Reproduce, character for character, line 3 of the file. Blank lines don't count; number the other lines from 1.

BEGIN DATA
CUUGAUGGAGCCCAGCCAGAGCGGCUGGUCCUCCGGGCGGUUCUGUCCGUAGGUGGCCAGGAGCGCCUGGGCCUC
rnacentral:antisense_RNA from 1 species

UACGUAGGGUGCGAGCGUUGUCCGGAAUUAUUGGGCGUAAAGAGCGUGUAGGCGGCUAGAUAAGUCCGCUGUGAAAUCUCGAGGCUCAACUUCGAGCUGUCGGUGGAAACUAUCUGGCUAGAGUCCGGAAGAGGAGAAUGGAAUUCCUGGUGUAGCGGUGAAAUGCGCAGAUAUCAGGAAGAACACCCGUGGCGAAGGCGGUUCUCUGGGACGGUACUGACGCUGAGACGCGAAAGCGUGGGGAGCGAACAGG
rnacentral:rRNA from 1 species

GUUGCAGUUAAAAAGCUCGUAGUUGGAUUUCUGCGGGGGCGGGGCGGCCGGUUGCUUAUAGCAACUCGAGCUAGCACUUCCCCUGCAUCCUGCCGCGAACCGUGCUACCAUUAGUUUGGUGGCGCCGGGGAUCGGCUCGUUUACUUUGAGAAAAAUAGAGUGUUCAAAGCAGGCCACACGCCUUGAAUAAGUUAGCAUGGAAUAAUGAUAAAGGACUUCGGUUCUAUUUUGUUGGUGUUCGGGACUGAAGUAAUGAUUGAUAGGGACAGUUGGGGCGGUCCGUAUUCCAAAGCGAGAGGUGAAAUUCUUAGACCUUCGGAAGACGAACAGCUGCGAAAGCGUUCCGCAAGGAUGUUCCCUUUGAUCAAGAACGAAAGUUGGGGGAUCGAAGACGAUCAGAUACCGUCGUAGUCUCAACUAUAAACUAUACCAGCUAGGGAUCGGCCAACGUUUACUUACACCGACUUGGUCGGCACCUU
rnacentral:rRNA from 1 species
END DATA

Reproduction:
UACGUAGGGUGCGAGCGUUGUCCGGAAUUAUUGGGCGUAAAGAGCGUGUAGGCGGCUAGAUAAGUCCGCUGUGAAAUCUCGAGGCUCAACUUCGAGCUGUCGGUGGAAACUAUCUGGCUAGAGUCCGGAAGAGGAGAAUGGAAUUCCUGGUGUAGCGGUGAAAUGCGCAGAUAUCAGGAAGAACACCCGUGGCGAAGGCGGUUCUCUGGGACGGUACUGACGCUGAGACGCGAAAGCGUGGGGAGCGAACAGG